We state our ambition on this matter very clearly in our Agenda: the technology industry needs diversity of people and thought to make the products and services that emerge as successful as possible.
Over the last few years, there has been a significant increase in the number of groups and individuals talking about gender diversity. We decided it was time to focus on diversity of background in addition to this. We assembled a very talented (and yes, diverse) panel: Ade Adewunmi (Head of Data Infrastructure at Government Digital Service), Ade Oshineye(Developer Advocate at Google) and Arfah Farooq (co-founder of the Muslamic Makers meetup and Head of Marketing at Makers Academy), moderated by Ada’s List’s Kajal Odedra (Senior Campaigns Advisor at change.org).
The panel started by discussing their experiences of being a person of colour in tech. On the positive side, it is easy for people to remember them because they are such a rarity. On the negative, there’s a lack of role models because there aren’t enough people of colour in the first place. Also sometimes, finding a safe space to be yourself at work is hard; for example, if you’re a practicing Muslim then you need a space to pray during the day. As a person of colour who uniquely experiences certain issues, they often have to decide whether to make a big deal of something or let it pass; as one of the panelists said, that is often exhausting.
With many companies committing to diversity in hiring these days, it is not unusual to think of ‘diverse’ hires as token hires, made simply to fill that quota. On the one hand, no one wants to be seen as a token hire, but on the other, that may be the only way to enter that company in the first place, from where you are in a position to change the status quo and get more people of colour on board. There is an assumption that the status quo is absolutely fair and there is no need for quotas, as one of our panelists said, but that is not the case – so quotas are not a bad thing. As she eloquently put it:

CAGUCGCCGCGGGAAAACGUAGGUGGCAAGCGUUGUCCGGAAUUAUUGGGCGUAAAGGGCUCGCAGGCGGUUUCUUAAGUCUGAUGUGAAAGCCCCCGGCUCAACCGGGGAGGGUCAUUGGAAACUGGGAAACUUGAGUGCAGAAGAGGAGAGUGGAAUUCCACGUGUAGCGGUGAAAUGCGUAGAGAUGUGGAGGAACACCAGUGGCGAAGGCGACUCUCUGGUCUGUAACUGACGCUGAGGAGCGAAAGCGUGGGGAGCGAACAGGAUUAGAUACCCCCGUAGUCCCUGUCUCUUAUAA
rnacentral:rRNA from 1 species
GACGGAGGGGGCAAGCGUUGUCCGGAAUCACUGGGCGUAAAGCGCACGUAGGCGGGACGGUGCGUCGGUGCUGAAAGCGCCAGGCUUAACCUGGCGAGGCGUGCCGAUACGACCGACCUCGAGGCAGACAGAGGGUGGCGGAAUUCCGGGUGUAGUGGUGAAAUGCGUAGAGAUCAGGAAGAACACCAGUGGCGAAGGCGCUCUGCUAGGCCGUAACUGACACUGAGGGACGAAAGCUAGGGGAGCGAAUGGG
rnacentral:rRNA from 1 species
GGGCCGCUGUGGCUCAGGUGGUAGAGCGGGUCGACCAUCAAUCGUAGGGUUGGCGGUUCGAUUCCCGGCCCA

‘when you’ve never had to share, equity feels like oppression’.
Lack of diversity is very often a structural problem – i.e a cultural problem, not a pipeline one. Humans have only so much empathy and sometimes they cannot see why a specific issue is a problem, especially if as a white male you’ve never experienced them. However, being a structural problem, structural solutions need to be put in place to tackle it as a matter of importance – otherwise no one does anything about it in a concerted manner. No doubt, for larger organisations it’s often easier to care because they have the resources to throw at the problem – also in today’s world they have to (witness how Apple, Facebook, Google, Twitter all got called out when their diversity statistics were discovered recently). For smaller organisations, the key is in the founding team: if they are not empathetic, then cultural problems will pervade no matter what you do. It is important to remember, however, that having a diverse founding team does not automatically guarantee diversity of workforce: sometimes diverse founders are not very inclusive at all (and this is often seen in the media when senior people from different ethnicities in the tech industry say they believe in ‘hiring only on talent’ – whoever said that hiring a diverse workforce would mean you need to compromise on that?!).